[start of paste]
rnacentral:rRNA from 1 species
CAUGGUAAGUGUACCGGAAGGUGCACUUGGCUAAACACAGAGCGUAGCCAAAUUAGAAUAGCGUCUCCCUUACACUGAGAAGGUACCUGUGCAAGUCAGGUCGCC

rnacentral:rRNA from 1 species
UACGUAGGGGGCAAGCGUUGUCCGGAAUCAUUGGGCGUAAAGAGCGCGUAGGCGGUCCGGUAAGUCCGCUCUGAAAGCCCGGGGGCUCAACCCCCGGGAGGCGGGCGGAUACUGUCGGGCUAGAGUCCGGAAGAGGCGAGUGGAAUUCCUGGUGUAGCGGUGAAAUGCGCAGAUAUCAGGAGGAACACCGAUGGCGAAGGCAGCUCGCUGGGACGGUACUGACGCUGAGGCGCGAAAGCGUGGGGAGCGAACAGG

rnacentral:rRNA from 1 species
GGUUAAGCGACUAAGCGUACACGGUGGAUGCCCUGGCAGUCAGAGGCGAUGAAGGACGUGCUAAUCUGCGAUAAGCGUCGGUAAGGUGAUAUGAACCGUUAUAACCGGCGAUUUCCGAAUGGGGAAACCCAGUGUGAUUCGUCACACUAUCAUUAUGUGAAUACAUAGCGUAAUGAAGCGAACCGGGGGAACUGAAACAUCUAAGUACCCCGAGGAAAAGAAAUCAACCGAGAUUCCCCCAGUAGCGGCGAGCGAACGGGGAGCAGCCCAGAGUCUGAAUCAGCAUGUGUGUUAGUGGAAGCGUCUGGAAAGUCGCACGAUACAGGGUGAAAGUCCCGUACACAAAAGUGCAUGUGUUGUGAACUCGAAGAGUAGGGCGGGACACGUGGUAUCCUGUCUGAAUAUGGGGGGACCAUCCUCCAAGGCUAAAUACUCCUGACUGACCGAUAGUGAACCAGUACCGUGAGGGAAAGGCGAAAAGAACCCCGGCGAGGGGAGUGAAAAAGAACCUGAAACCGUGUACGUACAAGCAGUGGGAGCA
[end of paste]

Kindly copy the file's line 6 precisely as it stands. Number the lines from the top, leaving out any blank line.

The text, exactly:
GGUUAAGCGACUAAGCGUACACGGUGGAUGCCCUGGCAGUCAGAGGCGAUGAAGGACGUGCUAAUCUGCGAUAAGCGUCGGUAAGGUGAUAUGAACCGUUAUAACCGGCGAUUUCCGAAUGGGGAAACCCAGUGUGAUUCGUCACACUAUCAUUAUGUGAAUACAUAGCGUAAUGAAGCGAACCGGGGGAACUGAAACAUCUAAGUACCCCGAGGAAAAGAAAUCAACCGAGAUUCCCCCAGUAGCGGCGAGCGAACGGGGAGCAGCCCAGAGUCUGAAUCAGCAUGUGUGUUAGUGGAAGCGUCUGGAAAGUCGCACGAUACAGGGUGAAAGUCCCGUACACAAAAGUGCAUGUGUUGUGAACUCGAAGAGUAGGGCGGGACACGUGGUAUCCUGUCUGAAUAUGGGGGGACCAUCCUCCAAGGCUAAAUACUCCUGACUGACCGAUAGUGAACCAGUACCGUGAGGGAAAGGCGAAAAGAACCCCGGCGAGGGGAGUGAAAAAGAACCUGAAACCGUGUACGUACAAGCAGUGGGAGCA